~Thomas Mann (James Earl Jones) in Field of Dreams

I love baseball. And, I love teaching. So, naturally the two can and will come together in the classroom. When I taught middle school science, I used hula hoops, tennis balls, jump ropes, and baseball to teach lessons. At one point, to gain some insight, I attended "Fastballs and Physics," a Science on Screen presentation at the State Theatre in Modesto, California. It drew primarily from baseball movies. I connected lessons from there with lessons I already planned. Now, as I teach a math class and the baseball season makes its final dash toward October, I find myself once again looking to incorporate baseball into lessons. The measurements between bases, speeds of pitches thrown, and batting averages and ERAs for pitchers all automatically lend themselves to math lessons.

As we sat at the San Francisco Giants game on Friday night, I looked around and started thinking of how and when I would incorporate baseball into upcoming math lessons. Then, I started looking around and I found a couple of good resources.

Edutopia has six baseball themed lessons and I also found some that I like over at Education World. I will continue to explore these, but also had a couple of ideas of my own.

I recently had my first lesson in Number Talks and am in the process of building them into my lessons. We have been working with converting decimals to fractions and vice versa, so I will start there and build. We will explore averages and we will find differences between best and worst ERAs. We will determine how many games the Giants need to win to pass the Dodgers and at what point they may become mathematically eliminated. The other piece of this is the Wild Card race which was much talked about mathematically through the weekend as the Giants battled the Cardinals, splitting a four-game series.

Over the next two (or more) weeks, we will break down the walls and bring baseball into our math classroom. Students will learn, friends. Students will learn. They will begin solving math problems and it will be as if they dipped themselves in magic waters.

So..."do you wanna have a catch?"
How have you incorporated baseball into your teaching?
What new thing will you try this week?

EdTech Adventure: Family Style

Over the course of the last few years, my children have watched as I have attended conferences. They get excited about the swag I bring home and always want to hear about what I've learned. They also love to talk about what they learn at school and what new tricks and tips they have. Close to two years ago, my son and I started to develop an idea for a conference. Then, earlier this year, as I traveled to make some connections at schools in Alabama, I introduced him to Google Hangouts. A few months later, he joined me as a watched one of my favorite podcasts. More ideas bloomed.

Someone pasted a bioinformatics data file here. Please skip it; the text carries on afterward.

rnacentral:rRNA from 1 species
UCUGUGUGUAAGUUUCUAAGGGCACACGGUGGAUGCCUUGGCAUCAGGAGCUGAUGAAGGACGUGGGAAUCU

Within the last week, we finally took a step and made our idea happen. We sat down and did a Google Hangout together and recorded it thanks to Google Hangouts On Air. Here I will share some of what we learned and what we discussed.

First, as of September 12, Google Hangouts On Air is no longer available. Google has redirected people YouTube Live. We recorded on September 10, so we used GHO (On Air) but mentioned at the beginning that we would transition to YouTube Live for the next discussion.

We conducted our first conversation "interview style." I wrote the questions and we had a brief discussion beforehand. Then, we set ourselves up and got the conversation going. The only addition was my six-year-old daughter who decided to participate as well. That added more time to it and we will adjust in the future. Our hope is to have these typically be 10 to 15 minute conversations that allow a teacher and student perspective, but also a parent and child perspective as well. This first conversation focused on the use of technology in education, specifically in the classroom and focused on the child/student perspective.

Our conversation offered many thoughts, but it was a closing thought of my son's that I think is an important thing for us to all consider, and remember. In his closing thoughts, he talked about how some students lack Internet access at home. Connectivity is definitely an issue and I think it puts things in perspective for students to be aware of it as well. At a time when some fourth graders are asking for the latest iPhone, others would simply appreciate accessibility for the sake of looking at the homework for the week on their teacher's website. A discussion has started in some circles, but we definitely need to keep the conversation going about connectivity and accessibility.

Other highlights include my fourth grader sharing about Chromebooks, Google Classroom, and Google apps in his classroom. My first grader shared some about iPads and her favorite apps/activities. Her most favorite is Starfall.

Our first EduAwesome Adventure conversation took almost 40 minutes and we will work to keep them shorter in the future, but this was a fun kick-off to something new from our little EdTech family. Want to hear some for yourself? The video appears below.

Monday, August 29, 2016

Blending math learning approaches

In February, I had a special opportunity to travel to Baldwin County, Alabama and visit classes where I got some interesting ideas. At the time, I had little idea how much I would be able to incorporate some of the ideas as soon as I have. It was a unique opportunity to share approaches to learning across the country. I found great value in the trip and brought back some ideas that I explored immediately, but some were placed in my "ed bag" (my mind vault). One experience included observing students in a math class complete a Gallery Walk. Each student had a worksheet where they could work out math problems. They worked in partners and walked around the hallway where their teacher had placed different posters with math problems on them. They used this opportunity to have a low-tech, high learning day where they applied the Pythagorean Theorem. Observing the students, talking with the teacher, and soaking in the learning happening was incredible.